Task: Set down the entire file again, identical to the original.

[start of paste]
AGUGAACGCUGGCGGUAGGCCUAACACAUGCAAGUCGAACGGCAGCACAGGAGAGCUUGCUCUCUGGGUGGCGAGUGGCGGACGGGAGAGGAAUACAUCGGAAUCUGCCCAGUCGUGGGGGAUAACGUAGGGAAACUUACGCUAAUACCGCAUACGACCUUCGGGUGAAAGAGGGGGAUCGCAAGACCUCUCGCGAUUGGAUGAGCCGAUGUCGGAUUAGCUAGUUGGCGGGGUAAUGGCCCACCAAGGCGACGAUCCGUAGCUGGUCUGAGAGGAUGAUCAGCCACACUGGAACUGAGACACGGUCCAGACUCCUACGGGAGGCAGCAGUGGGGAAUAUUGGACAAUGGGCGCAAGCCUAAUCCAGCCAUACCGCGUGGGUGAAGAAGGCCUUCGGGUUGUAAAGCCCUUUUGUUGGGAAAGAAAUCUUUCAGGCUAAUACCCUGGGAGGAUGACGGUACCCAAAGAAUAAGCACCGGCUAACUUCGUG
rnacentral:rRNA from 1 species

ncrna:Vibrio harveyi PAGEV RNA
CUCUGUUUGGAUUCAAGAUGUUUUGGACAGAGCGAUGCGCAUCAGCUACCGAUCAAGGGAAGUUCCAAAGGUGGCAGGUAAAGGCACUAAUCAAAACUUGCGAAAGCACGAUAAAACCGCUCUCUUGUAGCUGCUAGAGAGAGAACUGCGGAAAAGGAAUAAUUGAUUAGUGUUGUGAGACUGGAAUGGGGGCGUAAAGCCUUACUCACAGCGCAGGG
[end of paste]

AGUGAACGCUGGCGGUAGGCCUAACACAUGCAAGUCGAACGGCAGCACAGGAGAGCUUGCUCUCUGGGUGGCGAGUGGCGGACGGGAGAGGAAUACAUCGGAAUCUGCCCAGUCGUGGGGGAUAACGUAGGGAAACUUACGCUAAUACCGCAUACGACCUUCGGGUGAAAGAGGGGGAUCGCAAGACCUCUCGCGAUUGGAUGAGCCGAUGUCGGAUUAGCUAGUUGGCGGGGUAAUGGCCCACCAAGGCGACGAUCCGUAGCUGGUCUGAGAGGAUGAUCAGCCACACUGGAACUGAGACACGGUCCAGACUCCUACGGGAGGCAGCAGUGGGGAAUAUUGGACAAUGGGCGCAAGCCUAAUCCAGCCAUACCGCGUGGGUGAAGAAGGCCUUCGGGUUGUAAAGCCCUUUUGUUGGGAAAGAAAUCUUUCAGGCUAAUACCCUGGGAGGAUGACGGUACCCAAAGAAUAAGCACCGGCUAACUUCGUG
rnacentral:rRNA from 1 species

ncrna:Vibrio harveyi PAGEV RNA
CUCUGUUUGGAUUCAAGAUGUUUUGGACAGAGCGAUGCGCAUCAGCUACCGAUCAAGGGAAGUUCCAAAGGUGGCAGGUAAAGGCACUAAUCAAAACUUGCGAAAGCACGAUAAAACCGCUCUCUUGUAGCUGCUAGAGAGAGAACUGCGGAAAAGGAAUAAUUGAUUAGUGUUGUGAGACUGGAAUGGGGGCGUAAAGCCUUACUCACAGCGCAGGG